Thursday, July 06, 2006

Fear of failure

Ever since I entered the Wilderness 101 there has been a feeling of trepidation: of entering territory unknown. I had never ridden (and still have not) 100 miles entirely off road in one sitting. Truth be told I have never ridden 60 miles over terrain as challenging as that found in Pennsylvania.

So, I started 'putting effort in'. I knew over the course of last year that I was aiming to do some of the longer self supported races that are run currently; the Vapor trail 125, various 100 mile races and even the Kokopelli trail race or Grand Loop to name a few.

In order to do this, I felt I needed a 5 year plan. First phase: race and survive a season of Merida 100km races without injury, at a good clip, and try to slip in a solo 24 hour with no support, no sleep and no stopping for more than 1/2 an hour. 2005 ticked these off.

Next was to try and *race* a solo 24 hour. Definition: prepare and do as well as I can, under maximum effort. This is scheduled for Sleepless in the Saddle this year, in July. Concomitantly I aimed to continue doing Merida's but also knock off some century rides. Initially, on the road, then mixed, then off-road (laps if necessary). Again, so far this year, despite minimal riding it would seem, I am at the stage of relatively comfortably riding 100 miles on road (not fast tho'!) and a mixed route roughly 40:60% ish? Was fairly straightforward.

Next is the 100 mile off road effort, which will be the Wilderness 101, if I can't do a lapped off-road route in Scotland soon. This allows some form of 'qualification', along with another event, for the Vaportrail (which has been cancelled for this year btw, but may be ridden as a 'bootleg' event).

As a side line to this physical effort, there has been increased interest in equipment. Lightening, minimalising and collecting kit which will allow me to ride safely over very long distances at extremely low payback in terms of weight carried and lack of functionality.

Research is continuing and once I have a good water filter, I feel I will be ready to tackle multi-day wilderness riding as a learning experience before doing so in an event such as Kokopelli or Grand Loop.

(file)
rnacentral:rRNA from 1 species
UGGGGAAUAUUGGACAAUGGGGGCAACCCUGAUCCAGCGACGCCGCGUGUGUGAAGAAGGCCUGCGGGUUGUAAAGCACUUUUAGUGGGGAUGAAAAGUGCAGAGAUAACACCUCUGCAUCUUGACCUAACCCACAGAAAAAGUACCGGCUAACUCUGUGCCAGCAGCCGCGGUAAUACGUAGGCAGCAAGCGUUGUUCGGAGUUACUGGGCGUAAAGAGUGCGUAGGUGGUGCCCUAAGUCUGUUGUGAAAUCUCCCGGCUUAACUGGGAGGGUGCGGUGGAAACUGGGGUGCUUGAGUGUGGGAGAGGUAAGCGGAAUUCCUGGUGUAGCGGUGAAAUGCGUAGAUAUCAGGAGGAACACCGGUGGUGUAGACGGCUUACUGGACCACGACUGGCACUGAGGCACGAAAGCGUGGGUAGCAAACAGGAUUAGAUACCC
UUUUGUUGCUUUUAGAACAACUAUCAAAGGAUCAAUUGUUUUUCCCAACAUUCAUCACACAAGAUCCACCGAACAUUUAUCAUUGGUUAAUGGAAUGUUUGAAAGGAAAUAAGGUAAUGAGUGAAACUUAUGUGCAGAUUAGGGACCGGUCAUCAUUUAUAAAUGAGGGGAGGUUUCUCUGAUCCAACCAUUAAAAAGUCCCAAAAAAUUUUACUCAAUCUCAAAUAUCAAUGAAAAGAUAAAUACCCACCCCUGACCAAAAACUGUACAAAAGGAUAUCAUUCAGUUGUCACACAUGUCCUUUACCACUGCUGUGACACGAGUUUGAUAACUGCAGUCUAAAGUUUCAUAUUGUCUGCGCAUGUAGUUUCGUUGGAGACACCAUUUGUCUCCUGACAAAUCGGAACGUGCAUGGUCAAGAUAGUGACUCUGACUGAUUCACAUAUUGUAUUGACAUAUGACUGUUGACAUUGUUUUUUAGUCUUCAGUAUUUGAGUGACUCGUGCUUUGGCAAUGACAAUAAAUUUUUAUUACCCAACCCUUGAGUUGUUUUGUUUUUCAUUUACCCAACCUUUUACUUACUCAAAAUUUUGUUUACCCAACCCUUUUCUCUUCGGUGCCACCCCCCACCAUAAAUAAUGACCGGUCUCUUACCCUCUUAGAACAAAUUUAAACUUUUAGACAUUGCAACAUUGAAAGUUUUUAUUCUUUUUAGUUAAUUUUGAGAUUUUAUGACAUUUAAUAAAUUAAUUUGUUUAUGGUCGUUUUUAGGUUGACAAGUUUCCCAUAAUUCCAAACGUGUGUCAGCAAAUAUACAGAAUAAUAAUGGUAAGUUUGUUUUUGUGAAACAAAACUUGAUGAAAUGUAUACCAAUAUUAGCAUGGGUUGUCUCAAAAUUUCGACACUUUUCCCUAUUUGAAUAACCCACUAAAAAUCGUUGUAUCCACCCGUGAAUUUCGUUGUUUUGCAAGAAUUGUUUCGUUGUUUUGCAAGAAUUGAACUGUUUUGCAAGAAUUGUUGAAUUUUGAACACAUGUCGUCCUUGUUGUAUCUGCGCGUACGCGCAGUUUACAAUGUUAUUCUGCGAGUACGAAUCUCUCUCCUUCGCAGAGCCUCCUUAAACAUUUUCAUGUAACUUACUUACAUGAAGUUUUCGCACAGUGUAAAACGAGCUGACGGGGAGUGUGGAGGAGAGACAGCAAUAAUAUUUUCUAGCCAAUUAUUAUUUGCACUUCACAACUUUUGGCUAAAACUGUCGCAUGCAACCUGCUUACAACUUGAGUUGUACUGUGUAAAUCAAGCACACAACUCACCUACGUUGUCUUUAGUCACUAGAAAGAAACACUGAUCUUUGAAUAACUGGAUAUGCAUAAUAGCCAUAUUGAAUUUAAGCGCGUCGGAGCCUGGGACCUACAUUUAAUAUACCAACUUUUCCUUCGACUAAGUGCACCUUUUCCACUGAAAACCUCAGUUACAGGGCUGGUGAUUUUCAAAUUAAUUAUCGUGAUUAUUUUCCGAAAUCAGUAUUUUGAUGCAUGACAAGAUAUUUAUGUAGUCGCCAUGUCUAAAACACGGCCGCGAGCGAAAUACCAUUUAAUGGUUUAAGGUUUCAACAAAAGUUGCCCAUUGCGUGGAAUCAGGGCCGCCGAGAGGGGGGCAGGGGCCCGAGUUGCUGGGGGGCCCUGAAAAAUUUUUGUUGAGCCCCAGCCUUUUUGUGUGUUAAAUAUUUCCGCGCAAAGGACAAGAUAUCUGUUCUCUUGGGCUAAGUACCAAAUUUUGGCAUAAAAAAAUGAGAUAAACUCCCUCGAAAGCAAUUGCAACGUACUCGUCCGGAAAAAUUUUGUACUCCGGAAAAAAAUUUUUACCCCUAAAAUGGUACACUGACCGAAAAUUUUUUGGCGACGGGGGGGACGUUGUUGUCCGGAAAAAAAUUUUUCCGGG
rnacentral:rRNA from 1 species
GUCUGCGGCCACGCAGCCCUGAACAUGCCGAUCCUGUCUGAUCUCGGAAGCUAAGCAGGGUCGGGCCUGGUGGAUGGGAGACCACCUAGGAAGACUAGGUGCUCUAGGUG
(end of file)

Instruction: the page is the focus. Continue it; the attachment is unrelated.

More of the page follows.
What have I garnered recently? Well, the Merida this last weekend suggested that in 33 degrees I need more water than can be held in 2 large water bottles. i.e a hydration pack. This is a little disappointing as I have worked pretty hard to *not* use a hydration pack, and thus avoided some back pain issues. I suspect I have to use the minimal amount of kit, 2 water bottles and a partially full pack-bladder for success.

Pacing is also important. Over the last 12 months I have been trying to haul the effort in when I start to 'red line'. This has worked well. I now have much better staying power.

I have also worked hard to get a pre-race regime sorted. Anyone who knows me well will be aware I sometimes have a wee dram prior to a ride, especially with friends around. I do not apologise for this!, as it is probably the main reason I enjoy this pastime so much. However, I do tend to drink minimally, sleep muchly, eat well and prepare kit prior to racing much more thoroughly now. Diet both prior and during exercise has been an interesting area of study.

I also know my body a bit better. I ride less in general (especially tis year, what with one thing and another) but I make the most of it when I do.

So why the fear?

Because I am still *totally* unsure that I am able to finish the Wilderness 101. If I can't this year maybe no worries for the 5 year plan. BUT if I can't, and can't envisage *ever* completing it, the dream may well finish here.

You know what, tho'?

This is most likely the ultimate reason for attempting it...


Dream big.
Then try to live that dream...


oh, 33rd at Builth Wells.

S'pose I'm happy enough with that. Would have liked 10 places higher...

2 comments:

Chris said...

Remember, It is always brighter up ahead ; )



Scared of not placing or scared of not finishing?

You know your piece well enough not to worry about the latter. I guess the former is more 'lap of the gods' territory... I guess you could try and track down a rider who has ridden in past years and finished around the time you want to finish. Then just hang on his/ her tail for a bit and see how the pace goes for 30 miles or so. Then its a Merida + wee scoot to finish.

Nick said...

You're just buidling up to a GDR tho.

Aren't you?

;-)